it’s your choice, literally, choose

July 31, 2017

Snoopy_in_a_Rainstorm_by_DewCrystal

Doubt is good.” “Doubt is evil.” “Doubt is necessary for faith.” “Doubt is the opposite of faith.”

Ask a group of Christians about doubt and you’ll likely get a range of conflicting answers about its role. While the responses are well-intentioned, they leave us confused about whether we should or should not embrace doubt.

Part of the problem is there are numerous types of doubts. For this article, all references to “doubt” will focus on the type of doubt most often addressed in the Bible: uncertainty about the truth and reality of spiritual things, as seen especially in a lack of faith in and commitment to God.

The Bible is not an encyclopedia where we can look for an answer to any sort of question we have. But on the topics the Bible does address, we must give Scripture more weight than other sources. So what does the Bible say about doubt?

With only rare exceptions . . . doubt in Scripture is seen as a negative attitude or action because it is directed toward God by man (or evil spiritual agents). The word connotes the idea of weakness in faith or unbelief.

Doubt in Scripture can be seen to be characteristic of both believers and unbelievers. In believers it is usually a weakness of faith, a wavering in the face of God’s promises. In the unbeliever doubt is virtually synonymous with unbelief. Scripture, as would be expected, does not look at doubt philosophically or epistemologically. Doubt is viewed practically and spiritually as it relates to our trust in the Lord. For this reason, doubt is not deemed as valuable or commendable.

To build our trust and faith in the Lord, we can apply these strategies for dealing with doubt:

➤ Recognize that doubt is not natural, but it is normal—Doubt, like death, is not a natural state for humans. If our minds were functioning properly we would be able to discern all of reality, including spiritual realities, with absolute clarity. But because of sin, every aspect of the image of God in humans—including our intellect—was corrupted by the fall. What had been a sound mind full of the light of truth, full of the God who is the Truth, became unsound and darkened by falsehood.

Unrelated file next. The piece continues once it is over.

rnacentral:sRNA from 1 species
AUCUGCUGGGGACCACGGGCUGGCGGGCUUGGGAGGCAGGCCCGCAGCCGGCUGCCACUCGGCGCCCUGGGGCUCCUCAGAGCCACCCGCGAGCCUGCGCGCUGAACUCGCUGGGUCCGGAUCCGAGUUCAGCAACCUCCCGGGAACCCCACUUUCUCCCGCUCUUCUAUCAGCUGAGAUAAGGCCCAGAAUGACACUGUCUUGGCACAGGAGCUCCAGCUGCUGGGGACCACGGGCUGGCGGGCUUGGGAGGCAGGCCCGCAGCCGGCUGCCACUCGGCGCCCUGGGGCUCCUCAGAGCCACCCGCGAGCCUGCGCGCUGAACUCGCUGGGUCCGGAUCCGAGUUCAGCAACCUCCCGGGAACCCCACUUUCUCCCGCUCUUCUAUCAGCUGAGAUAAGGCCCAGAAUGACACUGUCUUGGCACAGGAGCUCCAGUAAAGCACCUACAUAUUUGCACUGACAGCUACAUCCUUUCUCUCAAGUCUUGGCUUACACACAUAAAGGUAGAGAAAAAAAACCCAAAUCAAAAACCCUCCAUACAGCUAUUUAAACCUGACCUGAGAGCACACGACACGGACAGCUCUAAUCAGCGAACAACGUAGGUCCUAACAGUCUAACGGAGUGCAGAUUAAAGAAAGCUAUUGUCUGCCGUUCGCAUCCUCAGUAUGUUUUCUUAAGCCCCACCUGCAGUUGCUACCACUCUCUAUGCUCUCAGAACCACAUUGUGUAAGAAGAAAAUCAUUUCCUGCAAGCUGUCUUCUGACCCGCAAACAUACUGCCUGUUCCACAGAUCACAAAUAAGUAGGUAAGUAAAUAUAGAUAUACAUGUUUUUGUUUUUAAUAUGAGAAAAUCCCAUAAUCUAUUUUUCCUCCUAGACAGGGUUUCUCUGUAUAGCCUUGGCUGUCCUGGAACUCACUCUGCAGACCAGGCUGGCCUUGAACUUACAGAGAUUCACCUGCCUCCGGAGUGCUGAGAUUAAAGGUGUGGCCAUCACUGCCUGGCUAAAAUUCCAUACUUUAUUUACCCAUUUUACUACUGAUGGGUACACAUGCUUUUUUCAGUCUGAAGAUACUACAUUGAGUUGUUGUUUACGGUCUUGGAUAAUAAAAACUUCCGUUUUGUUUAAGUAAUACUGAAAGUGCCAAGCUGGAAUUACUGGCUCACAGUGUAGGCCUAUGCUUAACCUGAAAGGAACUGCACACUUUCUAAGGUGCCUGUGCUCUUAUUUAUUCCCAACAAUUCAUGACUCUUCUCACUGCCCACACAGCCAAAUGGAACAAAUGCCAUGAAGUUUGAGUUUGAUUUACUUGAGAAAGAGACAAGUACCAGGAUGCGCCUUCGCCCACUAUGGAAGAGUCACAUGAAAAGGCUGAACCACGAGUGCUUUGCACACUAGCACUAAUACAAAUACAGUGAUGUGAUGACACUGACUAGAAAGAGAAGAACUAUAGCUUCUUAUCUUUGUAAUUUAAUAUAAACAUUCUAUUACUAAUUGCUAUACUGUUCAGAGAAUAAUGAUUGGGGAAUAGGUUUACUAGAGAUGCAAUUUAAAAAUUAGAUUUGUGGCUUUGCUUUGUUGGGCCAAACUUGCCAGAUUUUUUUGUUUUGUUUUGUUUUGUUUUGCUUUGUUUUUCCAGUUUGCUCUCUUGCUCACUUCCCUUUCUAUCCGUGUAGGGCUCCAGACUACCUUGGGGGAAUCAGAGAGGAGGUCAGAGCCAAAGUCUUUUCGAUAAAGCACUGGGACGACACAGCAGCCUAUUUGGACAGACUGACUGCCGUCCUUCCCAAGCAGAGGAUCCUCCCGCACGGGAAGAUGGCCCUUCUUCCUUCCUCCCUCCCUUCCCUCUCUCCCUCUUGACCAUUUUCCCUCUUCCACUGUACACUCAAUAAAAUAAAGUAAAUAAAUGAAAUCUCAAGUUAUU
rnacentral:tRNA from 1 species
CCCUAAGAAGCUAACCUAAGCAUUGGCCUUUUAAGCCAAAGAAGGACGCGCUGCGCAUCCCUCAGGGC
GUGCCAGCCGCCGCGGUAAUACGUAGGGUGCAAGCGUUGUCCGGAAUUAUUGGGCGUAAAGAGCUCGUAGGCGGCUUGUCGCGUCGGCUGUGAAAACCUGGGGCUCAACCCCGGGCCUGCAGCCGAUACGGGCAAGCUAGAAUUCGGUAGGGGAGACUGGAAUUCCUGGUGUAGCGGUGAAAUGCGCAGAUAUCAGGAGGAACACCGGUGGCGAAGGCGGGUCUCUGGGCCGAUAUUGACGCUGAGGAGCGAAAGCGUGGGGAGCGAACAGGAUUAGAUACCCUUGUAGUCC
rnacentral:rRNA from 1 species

While doubt is not a natural part of God’s creation, it is a normal part of our fallen world. We shouldn’t be surprised, therefore, to find that people doubt—or that we ourselves are doubters.

➤ Be merciful to doubters—Just as we should not be too surprised by doubt, we should not be too harsh on doubters (including ourselves). We should try to overcome doubt gently and with grace, for as Jude says, “Be merciful to those who doubt” (v. 22).

➤ Identify and question your doubt—Most doubt about the truth and reality of spiritual things is due to a deficit in either knowledge or experience. This type of doubt is the least worrisome for honest seekers because God will show them the truth they seek (see Jn 8:32).

Too often, though, we are quick to think the questions that arise from our doubts do not have answers or that the answers we’ve been given must be wrong. In such cases, we must continue to search for answers while also questioning our motives. For instance, do we not want to believe a particular claim in the Bible because it would require that we give up a favorite sin?

➤ Don’t give your doubt so much attention—“We need to learn to be relaxed about doubt,” Doubt is like an attention-seeking child. The more attention you pay to it, the more attention it demands. By worrying about your doubts, you get locked into a vicious cycle of uncertainty.

➤ Pray and meditate—The most powerful tools we have for dealing with doubt are prayer and meditation on Scripture. Ask God to take your doubts away as you focus on meditating on his Word.

Blessings from God and salutations from scumlikeuschurch@gmail.com

Remember, prayer requests, questions or comments to the email please.

Pray for Emily and her husband Brian, he is only in his mid 30’s and his heart is giving out, and is not a candidate for a heart transplant.

Sue H, she is in her 60’s and is a trust fund baby, never grew up, never had a job and never became responsible, and now she is almost broke and has wrecker her health and mind with fear and worry.

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